• FIG. 16 depicts an example of a system for providing enhanced application interoperability in accordance with one or more illustrative aspects discussed herein. As seen in FIG. 16, system 1600 may be configured to provide and/or implement various aspects of the disclosure. In some embodiments, system 1600 may include various subsystems that all may be implemented in computer-executable instructions that are stored and/or executed by a single computing device. In other embodiments, system 1600 and its various subsystems may be implemented in computer-executable instructions that are stored and/or executed by multiple different computing devices. For example, each subsystem included in system 1600 may be a separate, specifically-configured computing device, and each separate computing device may be communicatively coupled to enable operation of the system.
  • In one or more embodiments, system 1600 may include a user interface presenting subsystem 1605, a screen evaluating subsystem 1610, and a user interface updating subsystem 1615. The configuration of system 1600 illustrated in FIG. 16 is one example configuration of system 1600 that may be used in some arrangements. In other arrangements, system 1600 may include additional and/or alternative subsystems in addition to and/or instead of those illustrated and discussed herein.
  • In some embodiments, user interface presenting subsystem 1605 may be configured to present one or more graphical user interfaces, such as one or more of the example user interfaces discussed above. For example, user interface presenting subsystem 1605 may be configured to present a first user interface that is associated with a first application, such as an email composition user interface that is provided by and/or part of an email client application.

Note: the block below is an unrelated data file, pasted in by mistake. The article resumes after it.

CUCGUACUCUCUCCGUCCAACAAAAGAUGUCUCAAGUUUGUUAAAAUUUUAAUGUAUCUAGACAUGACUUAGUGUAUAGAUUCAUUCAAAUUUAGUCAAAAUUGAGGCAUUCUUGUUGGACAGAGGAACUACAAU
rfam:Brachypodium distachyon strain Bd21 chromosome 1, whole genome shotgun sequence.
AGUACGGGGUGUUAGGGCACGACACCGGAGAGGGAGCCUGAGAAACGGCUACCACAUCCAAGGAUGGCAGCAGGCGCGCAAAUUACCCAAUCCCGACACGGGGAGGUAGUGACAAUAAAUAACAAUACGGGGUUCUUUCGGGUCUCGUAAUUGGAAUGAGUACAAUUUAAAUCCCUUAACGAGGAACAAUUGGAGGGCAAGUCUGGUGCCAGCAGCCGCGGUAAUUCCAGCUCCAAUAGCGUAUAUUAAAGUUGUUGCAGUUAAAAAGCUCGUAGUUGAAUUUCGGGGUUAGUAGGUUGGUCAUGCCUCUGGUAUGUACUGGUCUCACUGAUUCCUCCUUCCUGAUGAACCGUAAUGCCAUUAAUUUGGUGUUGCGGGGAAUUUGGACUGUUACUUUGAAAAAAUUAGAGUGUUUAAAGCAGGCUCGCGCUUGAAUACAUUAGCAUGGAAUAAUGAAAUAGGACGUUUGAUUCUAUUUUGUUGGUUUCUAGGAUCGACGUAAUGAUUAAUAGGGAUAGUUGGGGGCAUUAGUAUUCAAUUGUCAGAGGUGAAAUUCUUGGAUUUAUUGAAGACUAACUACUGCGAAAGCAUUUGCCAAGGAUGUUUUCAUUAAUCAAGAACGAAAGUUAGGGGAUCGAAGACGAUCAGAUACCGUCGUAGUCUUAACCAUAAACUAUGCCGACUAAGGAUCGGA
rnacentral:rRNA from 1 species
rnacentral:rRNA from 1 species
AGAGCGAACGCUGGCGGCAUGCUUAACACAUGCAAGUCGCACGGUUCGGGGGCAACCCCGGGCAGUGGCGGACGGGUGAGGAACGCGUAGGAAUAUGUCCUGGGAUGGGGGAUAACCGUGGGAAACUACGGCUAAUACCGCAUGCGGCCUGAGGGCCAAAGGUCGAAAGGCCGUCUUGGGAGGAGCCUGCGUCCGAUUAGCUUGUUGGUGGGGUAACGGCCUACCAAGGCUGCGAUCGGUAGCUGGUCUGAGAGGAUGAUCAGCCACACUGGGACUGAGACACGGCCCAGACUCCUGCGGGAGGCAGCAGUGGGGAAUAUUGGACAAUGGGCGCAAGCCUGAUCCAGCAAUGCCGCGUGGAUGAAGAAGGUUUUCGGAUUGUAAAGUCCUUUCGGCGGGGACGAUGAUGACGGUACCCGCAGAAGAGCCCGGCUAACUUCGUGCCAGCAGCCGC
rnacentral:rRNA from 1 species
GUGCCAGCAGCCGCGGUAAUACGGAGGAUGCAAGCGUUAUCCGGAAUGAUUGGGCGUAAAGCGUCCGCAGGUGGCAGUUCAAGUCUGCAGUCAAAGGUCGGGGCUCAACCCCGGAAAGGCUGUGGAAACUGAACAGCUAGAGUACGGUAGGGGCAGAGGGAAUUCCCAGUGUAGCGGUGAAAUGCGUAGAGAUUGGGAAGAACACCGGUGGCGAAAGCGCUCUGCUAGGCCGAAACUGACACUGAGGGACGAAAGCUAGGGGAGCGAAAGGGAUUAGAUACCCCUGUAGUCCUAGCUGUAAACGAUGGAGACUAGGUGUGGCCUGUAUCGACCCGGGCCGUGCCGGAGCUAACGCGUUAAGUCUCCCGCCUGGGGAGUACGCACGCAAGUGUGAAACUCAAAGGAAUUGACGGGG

• In some embodiments, screen evaluating subsystem 1610 may be configured to evaluate the orientation of one or more display screens that may be included in and/or connected to system 1600. For example, screen evaluating subsystem 1610 may be configured to determine whether one or more display screens have been rotated from a first orientation to a second orientation. For instance, screen evaluating subsystem 1610 may determine whether at least one display screen that is connected to system 1600 has been rotated from a portrait orientation to a landscape orientation.
  • In some embodiments, user interface updating subsystem 1615 may be configured to update one or more graphical user interfaces and/or otherwise cause system 1600 to present one or more updated graphical user interfaces. For example, user interface updating subsystem 1615 may be configured to present a second user interface that is associated with a second application different from the first application. For instance, user interface updating subsystem 1615 may present a second user interface associated with a second application, such as an event listing user interface associated with a calendar application, based on a determination by screen evaluating subsystem 1610 that at least one display screen connected to system 1600 has been rotated from a first orientation to a second orientation.